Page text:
Aquatic Center History


About the Aquatic Center


Our Mission
To provide high quality boating and safety programs through education, recreation and competition.

A Capsule History of the Home of the Sac State Aquatic Center 
Briefly Summarized By: Bob Whitford

When Congress appropriated the funds to build the Folsom Dam in the early 1950’s, the Sacramento area finally had flood protection, waters storage and hydro-electric power it sought for decades. As part of that project a dam and catch basin was built that would help regulate the downstream area of water released into what would forever be called the “Lower American River”. Thus, Nimbus Dam and Lake Natoma were built.

Mitigation was required to protect the thriving salmon and steelhead runs which returned annually to their spawning grounds, now blocked by Nimbus Dam. The Bureau of Reclamation built and maintains a hatchery which is operated by the California Department of Fish and Game.

In the mid 1970’s, a collaborative group of water users and consumers partnered with the Bureau of Reclamation to build a canal (the Folsom South Canal) leading from Lake Natoma and terminating at SMUD’s nuclear power plant, Rancho Seco. This diversion of water from the Lower American was ruled illegal and the dewatering ordered to stop.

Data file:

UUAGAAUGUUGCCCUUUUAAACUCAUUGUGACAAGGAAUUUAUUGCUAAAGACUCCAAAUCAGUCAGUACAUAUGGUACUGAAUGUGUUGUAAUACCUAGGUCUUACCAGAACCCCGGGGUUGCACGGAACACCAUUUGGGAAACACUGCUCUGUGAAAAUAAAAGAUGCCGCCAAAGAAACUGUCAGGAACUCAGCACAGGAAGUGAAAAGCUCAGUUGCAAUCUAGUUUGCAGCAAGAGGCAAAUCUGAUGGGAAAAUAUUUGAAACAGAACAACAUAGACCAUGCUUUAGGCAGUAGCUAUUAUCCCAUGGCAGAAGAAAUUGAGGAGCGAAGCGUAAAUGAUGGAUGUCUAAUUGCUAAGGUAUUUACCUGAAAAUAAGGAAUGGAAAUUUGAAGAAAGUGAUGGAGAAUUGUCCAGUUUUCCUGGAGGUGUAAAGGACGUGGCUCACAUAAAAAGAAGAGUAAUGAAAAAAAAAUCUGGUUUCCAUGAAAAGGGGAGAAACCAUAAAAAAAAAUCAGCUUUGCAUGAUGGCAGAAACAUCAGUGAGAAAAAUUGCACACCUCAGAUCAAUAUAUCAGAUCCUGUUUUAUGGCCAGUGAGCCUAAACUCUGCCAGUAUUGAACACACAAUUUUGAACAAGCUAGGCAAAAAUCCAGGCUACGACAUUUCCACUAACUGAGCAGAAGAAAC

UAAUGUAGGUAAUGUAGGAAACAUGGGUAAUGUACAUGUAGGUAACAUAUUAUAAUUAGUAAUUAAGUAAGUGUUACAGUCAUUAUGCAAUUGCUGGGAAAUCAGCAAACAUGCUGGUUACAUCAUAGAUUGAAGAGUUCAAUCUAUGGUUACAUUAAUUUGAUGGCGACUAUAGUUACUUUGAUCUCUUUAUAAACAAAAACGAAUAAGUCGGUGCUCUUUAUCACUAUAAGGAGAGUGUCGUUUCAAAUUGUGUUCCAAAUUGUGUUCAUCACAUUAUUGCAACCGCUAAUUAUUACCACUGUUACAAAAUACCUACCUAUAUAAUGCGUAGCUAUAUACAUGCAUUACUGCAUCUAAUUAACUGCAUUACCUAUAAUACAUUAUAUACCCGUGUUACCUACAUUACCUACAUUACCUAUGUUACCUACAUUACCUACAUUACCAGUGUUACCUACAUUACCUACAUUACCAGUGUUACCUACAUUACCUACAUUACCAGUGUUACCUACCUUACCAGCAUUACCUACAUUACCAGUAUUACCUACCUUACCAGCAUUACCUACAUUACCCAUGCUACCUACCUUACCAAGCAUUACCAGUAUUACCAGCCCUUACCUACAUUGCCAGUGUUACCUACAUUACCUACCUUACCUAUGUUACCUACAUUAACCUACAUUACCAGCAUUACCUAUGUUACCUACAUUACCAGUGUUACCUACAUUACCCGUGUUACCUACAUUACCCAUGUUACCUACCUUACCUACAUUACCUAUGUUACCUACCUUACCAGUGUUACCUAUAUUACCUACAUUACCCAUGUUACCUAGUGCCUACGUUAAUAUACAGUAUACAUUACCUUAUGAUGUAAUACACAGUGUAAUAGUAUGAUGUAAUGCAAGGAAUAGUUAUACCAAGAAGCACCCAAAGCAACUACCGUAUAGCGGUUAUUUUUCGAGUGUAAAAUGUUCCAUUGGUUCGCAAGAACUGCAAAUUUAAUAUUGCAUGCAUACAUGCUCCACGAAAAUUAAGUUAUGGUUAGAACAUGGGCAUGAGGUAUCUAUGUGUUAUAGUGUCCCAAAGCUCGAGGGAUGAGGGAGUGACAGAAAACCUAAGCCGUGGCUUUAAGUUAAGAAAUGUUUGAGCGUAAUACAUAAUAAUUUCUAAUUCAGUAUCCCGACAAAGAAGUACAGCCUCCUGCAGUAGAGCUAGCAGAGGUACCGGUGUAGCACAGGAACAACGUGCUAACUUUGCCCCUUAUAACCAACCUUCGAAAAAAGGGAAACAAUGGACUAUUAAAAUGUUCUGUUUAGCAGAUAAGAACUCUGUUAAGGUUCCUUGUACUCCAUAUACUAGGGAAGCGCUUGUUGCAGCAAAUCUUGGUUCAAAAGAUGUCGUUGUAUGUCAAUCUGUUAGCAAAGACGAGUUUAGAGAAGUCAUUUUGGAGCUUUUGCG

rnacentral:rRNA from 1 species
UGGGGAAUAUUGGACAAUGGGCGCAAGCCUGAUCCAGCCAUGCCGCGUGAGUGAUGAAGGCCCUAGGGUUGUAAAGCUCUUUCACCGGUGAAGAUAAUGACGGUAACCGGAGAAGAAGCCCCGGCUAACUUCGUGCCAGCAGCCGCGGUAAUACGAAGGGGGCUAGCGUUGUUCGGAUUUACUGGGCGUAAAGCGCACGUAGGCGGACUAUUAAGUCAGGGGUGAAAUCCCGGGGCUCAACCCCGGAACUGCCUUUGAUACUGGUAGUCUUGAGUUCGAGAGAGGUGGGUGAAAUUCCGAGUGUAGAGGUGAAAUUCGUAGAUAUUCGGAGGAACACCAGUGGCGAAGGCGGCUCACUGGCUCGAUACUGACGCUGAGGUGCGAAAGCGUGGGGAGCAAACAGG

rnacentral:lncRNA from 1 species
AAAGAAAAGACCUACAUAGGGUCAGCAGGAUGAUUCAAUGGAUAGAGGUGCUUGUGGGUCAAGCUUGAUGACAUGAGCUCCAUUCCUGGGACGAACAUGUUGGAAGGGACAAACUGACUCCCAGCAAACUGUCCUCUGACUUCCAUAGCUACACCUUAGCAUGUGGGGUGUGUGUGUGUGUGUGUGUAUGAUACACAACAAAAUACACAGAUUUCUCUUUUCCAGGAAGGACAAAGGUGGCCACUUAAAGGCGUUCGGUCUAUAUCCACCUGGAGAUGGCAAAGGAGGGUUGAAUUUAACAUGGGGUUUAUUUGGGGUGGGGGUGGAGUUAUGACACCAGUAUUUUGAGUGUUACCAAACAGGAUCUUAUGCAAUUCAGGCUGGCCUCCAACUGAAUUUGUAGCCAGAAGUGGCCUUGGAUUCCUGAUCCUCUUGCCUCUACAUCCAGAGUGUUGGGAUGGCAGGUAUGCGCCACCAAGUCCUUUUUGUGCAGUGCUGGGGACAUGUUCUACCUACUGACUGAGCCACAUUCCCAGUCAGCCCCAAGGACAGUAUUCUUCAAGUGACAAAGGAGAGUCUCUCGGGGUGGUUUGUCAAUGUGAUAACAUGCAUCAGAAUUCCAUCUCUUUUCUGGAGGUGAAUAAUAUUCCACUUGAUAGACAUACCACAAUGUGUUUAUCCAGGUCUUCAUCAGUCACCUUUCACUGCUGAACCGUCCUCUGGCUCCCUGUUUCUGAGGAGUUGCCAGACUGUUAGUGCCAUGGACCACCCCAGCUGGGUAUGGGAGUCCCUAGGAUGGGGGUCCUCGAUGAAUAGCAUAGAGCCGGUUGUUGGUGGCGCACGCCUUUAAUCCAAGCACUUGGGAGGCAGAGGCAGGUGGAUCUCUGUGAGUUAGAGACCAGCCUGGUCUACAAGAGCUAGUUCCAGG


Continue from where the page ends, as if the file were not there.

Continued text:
It is at the head of the Folsom South Canal that an eight acre peninsula was formed. The peninsula was first home to the project head quarters for the construction crew building the canal, then the peninsula was turned over to California State Parks where the California Conservation Corps used the facility to build park signs and picnic tables. In the 1980’s the use of this facility waned and became surplus. In 1981, the Associated Students of California State University, Sacramento (ASI) in collaboration with the University Union and State Parks reached a land use agreement and the Sac State Aquatic Center relocated from their temporary home up lake to the little eight acre peninsula and established a permanent home.

Just before the turn of the millennium, the Sac State Aquatic Center received a capital improvement grant from the California Division of Boating Waterways (DBAW) to build a flagship Boating Instruction and Safety Center (or BISC). For five years the Aquatic Center maintained operations while transforming from the out grown small metal building to a state of the art multi-use campus. In 2003 the realization of many hopes and dreams was opened to the public serving the mission of the Associated Students, Sacramento State University, DBAW, and the community of the greater Sacramento area.